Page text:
|Date(s):||January 16, 1863|
|Tag(s):||African-Americans, Health/Death, Education, Race-Relations, Slavery, War|
|Course:||“Rise And Fall of the Slave South,” University of Virginia|
|Rating:||1 (1 votes)|
Calvin Shedd struggled to make sense of his surroundings while stationed at Fort Jefferson, a Union garrison in Key West, Florida, the southernmost city in the United States. He saw little or no action in the war for his first eighteen months of service, but he heard reports from members of his regiment who scouted the movement of the Confederate army. He was taken aback when he heard that Confederates had adopted the practice of hanging black men to discourage them and others from joining the Union army. Southerners were determined to punish any black man caught fighting against the South. In a letter to his wife and family in New Hampshire, Shedd proclaimed, Alas For the poor slave It is great wonder to me that they do not rebel; they would if they were not the most quiet, inoffensive race on earth. Besides expressing sympathy for blacks in this letter, he also claimed that slaves in Florida appeared to be more intelligent, to speak better English, and to be better looking than those he saw in South Carolina. To his disappointment, however, there were still no public schools in Florida where people of all races and classes could learn that all men are created equal in the sight of God.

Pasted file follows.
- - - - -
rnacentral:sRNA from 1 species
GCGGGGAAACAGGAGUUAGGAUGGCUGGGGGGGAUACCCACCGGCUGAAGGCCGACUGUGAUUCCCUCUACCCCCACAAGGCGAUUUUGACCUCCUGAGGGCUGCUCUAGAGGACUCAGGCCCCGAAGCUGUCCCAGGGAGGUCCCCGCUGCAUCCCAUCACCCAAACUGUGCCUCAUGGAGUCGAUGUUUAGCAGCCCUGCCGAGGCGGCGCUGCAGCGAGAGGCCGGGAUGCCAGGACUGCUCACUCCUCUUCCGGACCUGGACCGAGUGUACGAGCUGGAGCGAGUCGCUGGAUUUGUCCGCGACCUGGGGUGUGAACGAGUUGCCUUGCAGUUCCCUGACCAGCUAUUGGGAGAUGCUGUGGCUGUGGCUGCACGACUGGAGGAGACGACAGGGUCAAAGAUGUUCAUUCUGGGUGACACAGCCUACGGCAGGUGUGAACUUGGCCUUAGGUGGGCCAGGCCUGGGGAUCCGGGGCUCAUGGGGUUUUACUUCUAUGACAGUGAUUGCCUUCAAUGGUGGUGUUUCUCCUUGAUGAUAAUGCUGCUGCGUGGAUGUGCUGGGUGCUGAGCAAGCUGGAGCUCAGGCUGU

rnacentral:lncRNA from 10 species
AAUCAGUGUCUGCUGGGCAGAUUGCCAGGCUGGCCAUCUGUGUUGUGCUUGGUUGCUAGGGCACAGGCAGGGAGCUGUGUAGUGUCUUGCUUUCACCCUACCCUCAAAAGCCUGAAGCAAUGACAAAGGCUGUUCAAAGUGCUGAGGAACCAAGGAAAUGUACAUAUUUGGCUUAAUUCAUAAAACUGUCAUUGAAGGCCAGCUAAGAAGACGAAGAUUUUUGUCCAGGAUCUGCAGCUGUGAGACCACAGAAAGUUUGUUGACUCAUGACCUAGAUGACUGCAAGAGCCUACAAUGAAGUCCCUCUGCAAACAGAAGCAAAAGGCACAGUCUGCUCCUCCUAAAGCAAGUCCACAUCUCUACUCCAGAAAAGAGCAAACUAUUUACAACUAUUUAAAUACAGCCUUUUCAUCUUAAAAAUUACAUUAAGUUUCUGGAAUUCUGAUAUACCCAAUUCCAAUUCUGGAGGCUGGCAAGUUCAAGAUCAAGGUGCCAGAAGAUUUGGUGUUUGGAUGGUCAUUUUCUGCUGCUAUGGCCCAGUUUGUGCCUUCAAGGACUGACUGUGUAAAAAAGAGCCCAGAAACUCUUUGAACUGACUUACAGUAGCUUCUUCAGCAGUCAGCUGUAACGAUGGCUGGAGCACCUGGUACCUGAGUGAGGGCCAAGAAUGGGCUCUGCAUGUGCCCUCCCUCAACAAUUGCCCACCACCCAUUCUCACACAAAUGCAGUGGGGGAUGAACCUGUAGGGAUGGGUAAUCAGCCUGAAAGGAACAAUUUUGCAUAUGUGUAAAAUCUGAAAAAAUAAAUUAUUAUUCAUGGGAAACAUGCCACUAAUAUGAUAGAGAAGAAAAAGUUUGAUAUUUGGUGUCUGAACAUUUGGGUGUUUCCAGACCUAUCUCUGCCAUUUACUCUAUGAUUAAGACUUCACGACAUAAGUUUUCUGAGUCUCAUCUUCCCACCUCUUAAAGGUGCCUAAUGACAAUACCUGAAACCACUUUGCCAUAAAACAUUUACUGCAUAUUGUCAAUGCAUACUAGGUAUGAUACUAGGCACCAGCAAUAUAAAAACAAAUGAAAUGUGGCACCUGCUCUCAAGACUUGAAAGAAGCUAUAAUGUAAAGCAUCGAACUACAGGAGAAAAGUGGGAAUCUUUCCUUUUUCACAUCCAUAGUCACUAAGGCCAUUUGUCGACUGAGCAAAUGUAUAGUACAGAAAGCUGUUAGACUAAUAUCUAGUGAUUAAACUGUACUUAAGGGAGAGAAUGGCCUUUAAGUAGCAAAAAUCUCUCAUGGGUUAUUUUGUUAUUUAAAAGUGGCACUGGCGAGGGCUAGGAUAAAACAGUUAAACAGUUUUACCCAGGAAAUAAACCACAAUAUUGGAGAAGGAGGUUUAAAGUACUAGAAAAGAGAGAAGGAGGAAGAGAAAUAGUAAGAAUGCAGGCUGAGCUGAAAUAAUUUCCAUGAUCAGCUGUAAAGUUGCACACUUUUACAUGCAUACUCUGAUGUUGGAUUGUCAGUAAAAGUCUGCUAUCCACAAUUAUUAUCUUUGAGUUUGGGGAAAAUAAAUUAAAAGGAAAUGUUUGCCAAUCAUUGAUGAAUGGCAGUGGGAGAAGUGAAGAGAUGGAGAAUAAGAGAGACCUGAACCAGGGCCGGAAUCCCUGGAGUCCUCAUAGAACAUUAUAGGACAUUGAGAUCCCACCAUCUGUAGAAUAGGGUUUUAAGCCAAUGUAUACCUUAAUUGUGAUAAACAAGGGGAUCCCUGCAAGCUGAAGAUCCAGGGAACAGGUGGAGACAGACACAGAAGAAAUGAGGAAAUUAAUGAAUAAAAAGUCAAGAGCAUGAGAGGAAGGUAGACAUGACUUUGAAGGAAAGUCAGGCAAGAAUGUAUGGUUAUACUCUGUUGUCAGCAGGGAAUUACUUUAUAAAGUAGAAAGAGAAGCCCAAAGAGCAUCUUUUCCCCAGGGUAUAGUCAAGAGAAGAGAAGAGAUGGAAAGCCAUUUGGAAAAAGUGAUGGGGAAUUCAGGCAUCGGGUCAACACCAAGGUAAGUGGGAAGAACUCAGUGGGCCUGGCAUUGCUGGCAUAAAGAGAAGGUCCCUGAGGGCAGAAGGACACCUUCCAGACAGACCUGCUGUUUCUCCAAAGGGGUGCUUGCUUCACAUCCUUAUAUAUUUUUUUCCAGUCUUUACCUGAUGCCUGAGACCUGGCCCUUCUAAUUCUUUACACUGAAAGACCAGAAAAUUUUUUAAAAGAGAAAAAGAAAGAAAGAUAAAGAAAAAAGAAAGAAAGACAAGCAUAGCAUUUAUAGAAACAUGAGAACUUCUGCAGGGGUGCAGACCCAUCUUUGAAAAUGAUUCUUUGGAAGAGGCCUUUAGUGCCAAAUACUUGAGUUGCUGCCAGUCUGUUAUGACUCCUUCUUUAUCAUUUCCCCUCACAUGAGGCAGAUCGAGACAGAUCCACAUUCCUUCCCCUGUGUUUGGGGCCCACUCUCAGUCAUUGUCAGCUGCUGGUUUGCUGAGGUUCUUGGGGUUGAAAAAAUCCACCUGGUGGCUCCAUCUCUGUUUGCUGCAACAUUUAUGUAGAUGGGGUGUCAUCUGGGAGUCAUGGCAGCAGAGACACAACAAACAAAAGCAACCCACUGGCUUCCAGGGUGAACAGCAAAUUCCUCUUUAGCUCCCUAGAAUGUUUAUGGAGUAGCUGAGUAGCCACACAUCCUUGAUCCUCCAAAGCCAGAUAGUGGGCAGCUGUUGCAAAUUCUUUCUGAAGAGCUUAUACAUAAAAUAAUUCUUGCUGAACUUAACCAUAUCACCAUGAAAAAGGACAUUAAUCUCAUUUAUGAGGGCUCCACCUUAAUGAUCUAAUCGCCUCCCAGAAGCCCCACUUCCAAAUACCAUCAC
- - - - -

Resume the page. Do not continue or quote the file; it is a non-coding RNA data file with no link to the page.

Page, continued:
Although many Union soldiers, perhaps even Shedd himself, were still racist during the Civil War, Shedd and other Northerners did see the many benefits of enlisting black soldiers as early as 1862. For many Union soldiers, the violent acts of southerners towards blacks were shocking and repulsive. The large free black population, their perceived prosperity and employment opportunities, and the extensive presence of Union garrisons in Key West all combined to positively influence perception of black Floridians. For Shedd, his intense patriotism, longing for his family, and strong sense of morality is what led him to denounce the maltreatment of blacks.
Despite Shedd's belief that brave black volunteers did not deserve to be lynched for fighting alongside white Northerners, the lynching of blacks by Southerners, about which Shedd heard reports, did not end with the war, but instead, only gained momentum. In fact, people frequently extolled the lynching of black men as a way to enforce segregation in antebellum Florida. Reconstruction-era violence and lynching was rooted in the determination of white Floridians to keep blacks close to the brutal system of slavery which existed in Calvin Shedd's time.